Someone asked me recently why justice-seeking figured so strongly in my approach to mission. I think they meant “as distinct from evangelism.” We were talking about asylum seekers.
I said something about the integration of the word (evangelism) and deed (loving our neighbor). I quoted Matthew 25, saying that for me one of the best ways to love God is to defend the voiceless.
I left the conversation stunned that a Christian should wonder why I keep talking about justice. But then I realized that ever since the time of the prophets we’ve needed to spell out for each generation the call to justice.
So, here are my 10 top overlapping reasons for being passionate about a gospel where justice is close to the centee. I reckon I could double the list without trying.
1. The Bible’s full of it. If we were to take to a Bible with scissors and cut out the thousands of verses about justice and the poor, we’d have a mangled mess of holes. In the Bible, our relationship to God is always tied to our relationships to each other.
2. We’re all equal before God. From Genesis 1 to Galatians 3, the story is the same. Humans are made in God’s image and stand equally before God in our great variety. This biblical truth is one of the pillars of the human-rights movement. Staying with asylum seekers for the moment, to those who are “nobodies” because they are stateless and homeless, this is Good News.
3. It’s part of shalom. When Jeremiah urged the Israelites in exile to seek the welfare of the city they found themselves in, he was using the term “shalom.” The Hebrew vision of shalom in relationship with God includes peace, well-being and justice, and is the same peace that Jesus promises us (Jn 14:27). Christian mission is living for shalom.
4. God is a God of justice. In the Hebrew Bible, God is always acting in history to set relationships right, defend the poor, the weak and the oppressed. In fact, God is the very manifestation of justice and mercy.
5. It’s part of God’s Commonwealth. Jesus’ favorite topic was the Commonwealth of God (or the kingdom of God), the new, upside-down order in which human relationships are upturned by God’s radically inclusive values. The social reversals that happen in his parables are amazing. A kingdom-centered mission will always point at the socio-political implications of conversion.
6. It’s part of the Good News. Jesus’ manifesto in Luke 4 suggests that the Good News is especially for the poor, the blind and the captive. His life and teaching backs this up repeatedly. It seems that what is good news to the poor seems like bad news to the rich, unless they see it is really good news for all.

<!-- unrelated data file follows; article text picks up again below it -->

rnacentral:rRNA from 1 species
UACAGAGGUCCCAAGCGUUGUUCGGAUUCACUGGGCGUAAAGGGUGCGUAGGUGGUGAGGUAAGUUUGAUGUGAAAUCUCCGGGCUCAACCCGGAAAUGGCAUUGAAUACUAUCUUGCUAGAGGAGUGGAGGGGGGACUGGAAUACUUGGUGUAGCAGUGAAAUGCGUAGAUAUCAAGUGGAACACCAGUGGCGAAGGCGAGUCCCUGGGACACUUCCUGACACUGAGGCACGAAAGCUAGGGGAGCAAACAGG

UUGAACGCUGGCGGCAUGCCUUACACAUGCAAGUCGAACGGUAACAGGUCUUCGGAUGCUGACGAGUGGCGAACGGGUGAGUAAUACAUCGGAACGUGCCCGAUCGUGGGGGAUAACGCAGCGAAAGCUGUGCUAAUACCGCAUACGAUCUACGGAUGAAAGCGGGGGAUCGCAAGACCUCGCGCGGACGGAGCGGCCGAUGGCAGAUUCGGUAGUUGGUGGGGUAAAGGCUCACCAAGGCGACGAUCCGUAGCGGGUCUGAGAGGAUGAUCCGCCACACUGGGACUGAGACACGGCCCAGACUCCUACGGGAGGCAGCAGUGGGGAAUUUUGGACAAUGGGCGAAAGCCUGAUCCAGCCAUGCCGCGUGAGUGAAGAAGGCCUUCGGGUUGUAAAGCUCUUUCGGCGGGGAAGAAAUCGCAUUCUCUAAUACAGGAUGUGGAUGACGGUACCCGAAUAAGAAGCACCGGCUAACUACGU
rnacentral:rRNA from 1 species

7. Righteousness flows into justice. A missionary to a Spanish-speaking country discovered to his amazement that the Bible is full of talk about justicia. The English word “justice” doesn’t occur in the King James Version of the New Testament; the Greek word for justice and righteousness is always translated as “righteousness.” I guess the translators knew they were being paid by a king! Better to talk about being righteous than seeking justice. But the two can’t be separated.
8. Evangelism flows into social action. Billy Graham was asked once why he preached only personal salvation and not peace and justice. He said that as people become converted, they would be peacemakers and justice-seekers. He was pressed further. How come he’d been converted, and wasn’t more upfront about these things, then? From that day, to his credit, Graham included more of the dimensions of the Good News in his preaching. Following Jesus, we’re called to make visible the Good News, and that means both putting it into words and showing by our lives what it means in terms of justice and love.
9. Justice is structural love. Justice is fairness embedded in the structures of society. Biblical justice goes further than strict justice, and is imbued with grace, mercy and forgiveness. It is structural love.
10. No peace without justice. The Good News is all about reconciliation, the setting right of all relationships. But there is no peace without justice, as is clear in international relations. In the cloth of the gospel, God’s justice and forgiveness are seamlessly interwoven. It’s a wonder,
then, that churches are not far more prophetic.
True, we have spoken up often, but for many churches, the order of priority seems to be: inward-and-upward-looking worship, education and groups for members, some care for others, and then, just occasionally, a tentative foray into the world of policies, rights, war and government directions.
There’s so much happening in the world to arouse our passion for justice that we ought to be standing up and shouting. But it will only happen if our vision of the gospel contains justice at the heart.
Ross Langmead is professor of missiology and director of School of World Mission at Whitley College, the Baptist Theological College of Victoria, Australia.